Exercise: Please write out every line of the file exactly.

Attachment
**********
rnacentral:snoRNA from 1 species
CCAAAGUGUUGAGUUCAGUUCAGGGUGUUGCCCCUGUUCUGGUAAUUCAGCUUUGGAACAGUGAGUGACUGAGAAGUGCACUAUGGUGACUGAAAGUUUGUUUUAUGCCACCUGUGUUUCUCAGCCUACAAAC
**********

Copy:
rnacentral:snoRNA from 1 species
CCAAAGUGUUGAGUUCAGUUCAGGGUGUUGCCCCUGUUCUGGUAAUUCAGCUUUGGAACAGUGAGUGACUGAGAAGUGCACUAUGGUGACUGAAAGUUUGUUUUAUGCCACCUGUGUUUCUCAGCCUACAAAC